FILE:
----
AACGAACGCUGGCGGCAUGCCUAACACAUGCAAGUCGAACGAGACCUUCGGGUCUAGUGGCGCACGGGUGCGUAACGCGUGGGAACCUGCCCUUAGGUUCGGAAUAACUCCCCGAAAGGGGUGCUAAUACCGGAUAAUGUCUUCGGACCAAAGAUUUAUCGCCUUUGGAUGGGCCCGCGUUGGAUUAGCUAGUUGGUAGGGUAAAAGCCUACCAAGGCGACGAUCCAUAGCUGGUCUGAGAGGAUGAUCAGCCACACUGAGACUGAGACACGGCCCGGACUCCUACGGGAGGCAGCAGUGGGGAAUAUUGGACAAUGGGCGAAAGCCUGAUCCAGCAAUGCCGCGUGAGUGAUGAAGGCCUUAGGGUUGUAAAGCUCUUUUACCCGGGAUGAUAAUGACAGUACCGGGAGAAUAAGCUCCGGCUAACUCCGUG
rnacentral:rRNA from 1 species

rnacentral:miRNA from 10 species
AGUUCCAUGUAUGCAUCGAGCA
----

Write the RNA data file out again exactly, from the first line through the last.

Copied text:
AACGAACGCUGGCGGCAUGCCUAACACAUGCAAGUCGAACGAGACCUUCGGGUCUAGUGGCGCACGGGUGCGUAACGCGUGGGAACCUGCCCUUAGGUUCGGAAUAACUCCCCGAAAGGGGUGCUAAUACCGGAUAAUGUCUUCGGACCAAAGAUUUAUCGCCUUUGGAUGGGCCCGCGUUGGAUUAGCUAGUUGGUAGGGUAAAAGCCUACCAAGGCGACGAUCCAUAGCUGGUCUGAGAGGAUGAUCAGCCACACUGAGACUGAGACACGGCCCGGACUCCUACGGGAGGCAGCAGUGGGGAAUAUUGGACAAUGGGCGAAAGCCUGAUCCAGCAAUGCCGCGUGAGUGAUGAAGGCCUUAGGGUUGUAAAGCUCUUUUACCCGGGAUGAUAAUGACAGUACCGGGAGAAUAAGCUCCGGCUAACUCCGUG
rnacentral:rRNA from 1 species

rnacentral:miRNA from 10 species
AGUUCCAUGUAUGCAUCGAGCA